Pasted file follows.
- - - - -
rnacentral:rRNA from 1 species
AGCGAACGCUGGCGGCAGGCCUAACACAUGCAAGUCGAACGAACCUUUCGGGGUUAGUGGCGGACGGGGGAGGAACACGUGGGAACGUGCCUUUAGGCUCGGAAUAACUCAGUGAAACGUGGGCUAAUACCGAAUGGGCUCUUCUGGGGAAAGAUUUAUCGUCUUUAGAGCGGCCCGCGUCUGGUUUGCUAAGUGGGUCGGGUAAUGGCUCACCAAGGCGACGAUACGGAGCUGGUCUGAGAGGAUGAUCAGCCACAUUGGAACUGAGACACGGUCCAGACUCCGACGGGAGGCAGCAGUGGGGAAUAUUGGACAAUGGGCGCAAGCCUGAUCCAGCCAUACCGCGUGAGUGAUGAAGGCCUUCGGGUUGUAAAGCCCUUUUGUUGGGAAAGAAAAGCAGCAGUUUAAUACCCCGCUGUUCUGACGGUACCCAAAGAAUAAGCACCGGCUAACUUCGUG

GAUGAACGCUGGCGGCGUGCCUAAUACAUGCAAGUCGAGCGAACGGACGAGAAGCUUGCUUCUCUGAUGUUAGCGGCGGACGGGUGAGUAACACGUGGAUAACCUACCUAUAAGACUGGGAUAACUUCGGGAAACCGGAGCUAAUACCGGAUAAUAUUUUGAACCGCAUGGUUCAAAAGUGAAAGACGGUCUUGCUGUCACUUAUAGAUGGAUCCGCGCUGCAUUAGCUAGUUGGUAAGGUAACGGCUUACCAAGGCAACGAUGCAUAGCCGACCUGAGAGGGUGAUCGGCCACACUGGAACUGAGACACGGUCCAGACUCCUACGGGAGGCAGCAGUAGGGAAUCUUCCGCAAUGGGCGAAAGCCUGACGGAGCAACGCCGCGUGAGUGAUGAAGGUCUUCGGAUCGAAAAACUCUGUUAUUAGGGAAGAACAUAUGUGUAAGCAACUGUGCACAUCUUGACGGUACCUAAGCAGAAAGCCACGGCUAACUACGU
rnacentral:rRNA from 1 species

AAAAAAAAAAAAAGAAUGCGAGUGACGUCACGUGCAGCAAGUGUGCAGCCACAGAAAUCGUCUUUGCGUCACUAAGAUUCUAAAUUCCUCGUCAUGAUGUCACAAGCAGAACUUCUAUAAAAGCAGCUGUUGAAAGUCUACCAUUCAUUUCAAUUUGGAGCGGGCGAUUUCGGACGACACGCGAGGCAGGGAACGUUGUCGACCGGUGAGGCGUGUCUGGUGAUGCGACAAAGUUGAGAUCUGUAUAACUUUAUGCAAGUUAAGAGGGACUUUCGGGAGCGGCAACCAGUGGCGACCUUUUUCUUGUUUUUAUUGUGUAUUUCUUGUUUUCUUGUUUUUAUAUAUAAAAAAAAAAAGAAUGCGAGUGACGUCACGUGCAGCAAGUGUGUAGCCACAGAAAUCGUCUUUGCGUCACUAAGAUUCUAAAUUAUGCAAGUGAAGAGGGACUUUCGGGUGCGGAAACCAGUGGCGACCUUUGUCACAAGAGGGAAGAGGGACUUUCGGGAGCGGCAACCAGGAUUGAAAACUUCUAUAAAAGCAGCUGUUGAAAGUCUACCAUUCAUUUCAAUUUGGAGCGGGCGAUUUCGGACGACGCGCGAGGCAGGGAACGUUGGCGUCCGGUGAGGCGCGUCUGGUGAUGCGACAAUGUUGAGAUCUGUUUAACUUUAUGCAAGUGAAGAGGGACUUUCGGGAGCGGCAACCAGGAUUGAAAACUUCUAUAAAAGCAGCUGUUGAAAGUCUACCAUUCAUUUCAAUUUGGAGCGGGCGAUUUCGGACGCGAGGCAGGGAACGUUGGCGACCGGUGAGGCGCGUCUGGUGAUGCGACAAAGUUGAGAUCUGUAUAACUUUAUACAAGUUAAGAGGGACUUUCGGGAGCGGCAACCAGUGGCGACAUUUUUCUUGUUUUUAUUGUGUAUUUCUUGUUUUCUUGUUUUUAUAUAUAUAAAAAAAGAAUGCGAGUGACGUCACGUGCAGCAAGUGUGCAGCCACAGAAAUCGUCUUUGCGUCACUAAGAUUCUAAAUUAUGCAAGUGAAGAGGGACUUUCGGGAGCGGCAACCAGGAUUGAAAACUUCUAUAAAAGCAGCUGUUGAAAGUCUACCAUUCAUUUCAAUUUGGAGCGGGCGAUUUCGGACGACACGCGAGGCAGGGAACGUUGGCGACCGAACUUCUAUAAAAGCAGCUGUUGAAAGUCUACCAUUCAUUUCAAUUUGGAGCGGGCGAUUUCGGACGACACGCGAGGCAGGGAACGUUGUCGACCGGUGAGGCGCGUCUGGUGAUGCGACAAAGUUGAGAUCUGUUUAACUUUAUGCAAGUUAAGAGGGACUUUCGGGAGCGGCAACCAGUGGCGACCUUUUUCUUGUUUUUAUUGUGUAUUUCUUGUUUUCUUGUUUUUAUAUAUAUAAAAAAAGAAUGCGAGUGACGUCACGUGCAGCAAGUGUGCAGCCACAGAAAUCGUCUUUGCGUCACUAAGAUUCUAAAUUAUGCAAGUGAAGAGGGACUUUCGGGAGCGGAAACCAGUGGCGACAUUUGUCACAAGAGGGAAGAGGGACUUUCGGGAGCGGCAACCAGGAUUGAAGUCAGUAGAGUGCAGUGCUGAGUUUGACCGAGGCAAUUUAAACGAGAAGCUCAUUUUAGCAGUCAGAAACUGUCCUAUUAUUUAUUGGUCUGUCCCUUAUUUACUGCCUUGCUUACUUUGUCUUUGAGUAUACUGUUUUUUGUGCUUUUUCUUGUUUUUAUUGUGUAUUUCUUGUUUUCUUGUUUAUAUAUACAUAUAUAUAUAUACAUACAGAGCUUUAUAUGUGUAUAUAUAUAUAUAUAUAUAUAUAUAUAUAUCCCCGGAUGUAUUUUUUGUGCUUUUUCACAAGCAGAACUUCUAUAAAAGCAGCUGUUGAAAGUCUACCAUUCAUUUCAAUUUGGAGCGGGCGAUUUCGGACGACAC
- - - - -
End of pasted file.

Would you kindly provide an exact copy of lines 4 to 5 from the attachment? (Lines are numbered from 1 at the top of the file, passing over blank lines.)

rnacentral:rRNA from 1 species

AAAAAAAAAAAAAGAAUGCGAGUGACGUCACGUGCAGCAAGUGUGCAGCCACAGAAAUCGUCUUUGCGUCACUAAGAUUCUAAAUUCCUCGUCAUGAUGUCACAAGCAGAACUUCUAUAAAAGCAGCUGUUGAAAGUCUACCAUUCAUUUCAAUUUGGAGCGGGCGAUUUCGGACGACACGCGAGGCAGGGAACGUUGUCGACCGGUGAGGCGUGUCUGGUGAUGCGACAAAGUUGAGAUCUGUAUAACUUUAUGCAAGUUAAGAGGGACUUUCGGGAGCGGCAACCAGUGGCGACCUUUUUCUUGUUUUUAUUGUGUAUUUCUUGUUUUCUUGUUUUUAUAUAUAAAAAAAAAAAGAAUGCGAGUGACGUCACGUGCAGCAAGUGUGUAGCCACAGAAAUCGUCUUUGCGUCACUAAGAUUCUAAAUUAUGCAAGUGAAGAGGGACUUUCGGGUGCGGAAACCAGUGGCGACCUUUGUCACAAGAGGGAAGAGGGACUUUCGGGAGCGGCAACCAGGAUUGAAAACUUCUAUAAAAGCAGCUGUUGAAAGUCUACCAUUCAUUUCAAUUUGGAGCGGGCGAUUUCGGACGACGCGCGAGGCAGGGAACGUUGGCGUCCGGUGAGGCGCGUCUGGUGAUGCGACAAUGUUGAGAUCUGUUUAACUUUAUGCAAGUGAAGAGGGACUUUCGGGAGCGGCAACCAGGAUUGAAAACUUCUAUAAAAGCAGCUGUUGAAAGUCUACCAUUCAUUUCAAUUUGGAGCGGGCGAUUUCGGACGCGAGGCAGGGAACGUUGGCGACCGGUGAGGCGCGUCUGGUGAUGCGACAAAGUUGAGAUCUGUAUAACUUUAUACAAGUUAAGAGGGACUUUCGGGAGCGGCAACCAGUGGCGACAUUUUUCUUGUUUUUAUUGUGUAUUUCUUGUUUUCUUGUUUUUAUAUAUAUAAAAAAAGAAUGCGAGUGACGUCACGUGCAGCAAGUGUGCAGCCACAGAAAUCGUCUUUGCGUCACUAAGAUUCUAAAUUAUGCAAGUGAAGAGGGACUUUCGGGAGCGGCAACCAGGAUUGAAAACUUCUAUAAAAGCAGCUGUUGAAAGUCUACCAUUCAUUUCAAUUUGGAGCGGGCGAUUUCGGACGACACGCGAGGCAGGGAACGUUGGCGACCGAACUUCUAUAAAAGCAGCUGUUGAAAGUCUACCAUUCAUUUCAAUUUGGAGCGGGCGAUUUCGGACGACACGCGAGGCAGGGAACGUUGUCGACCGGUGAGGCGCGUCUGGUGAUGCGACAAAGUUGAGAUCUGUUUAACUUUAUGCAAGUUAAGAGGGACUUUCGGGAGCGGCAACCAGUGGCGACCUUUUUCUUGUUUUUAUUGUGUAUUUCUUGUUUUCUUGUUUUUAUAUAUAUAAAAAAAGAAUGCGAGUGACGUCACGUGCAGCAAGUGUGCAGCCACAGAAAUCGUCUUUGCGUCACUAAGAUUCUAAAUUAUGCAAGUGAAGAGGGACUUUCGGGAGCGGAAACCAGUGGCGACAUUUGUCACAAGAGGGAAGAGGGACUUUCGGGAGCGGCAACCAGGAUUGAAGUCAGUAGAGUGCAGUGCUGAGUUUGACCGAGGCAAUUUAAACGAGAAGCUCAUUUUAGCAGUCAGAAACUGUCCUAUUAUUUAUUGGUCUGUCCCUUAUUUACUGCCUUGCUUACUUUGUCUUUGAGUAUACUGUUUUUUGUGCUUUUUCUUGUUUUUAUUGUGUAUUUCUUGUUUUCUUGUUUAUAUAUACAUAUAUAUAUAUACAUACAGAGCUUUAUAUGUGUAUAUAUAUAUAUAUAUAUAUAUAUAUAUAUCCCCGGAUGUAUUUUUUGUGCUUUUUCACAAGCAGAACUUCUAUAAAAGCAGCUGUUGAAAGUCUACCAUUCAUUUCAAUUUGGAGCGGGCGAUUUCGGACGACAC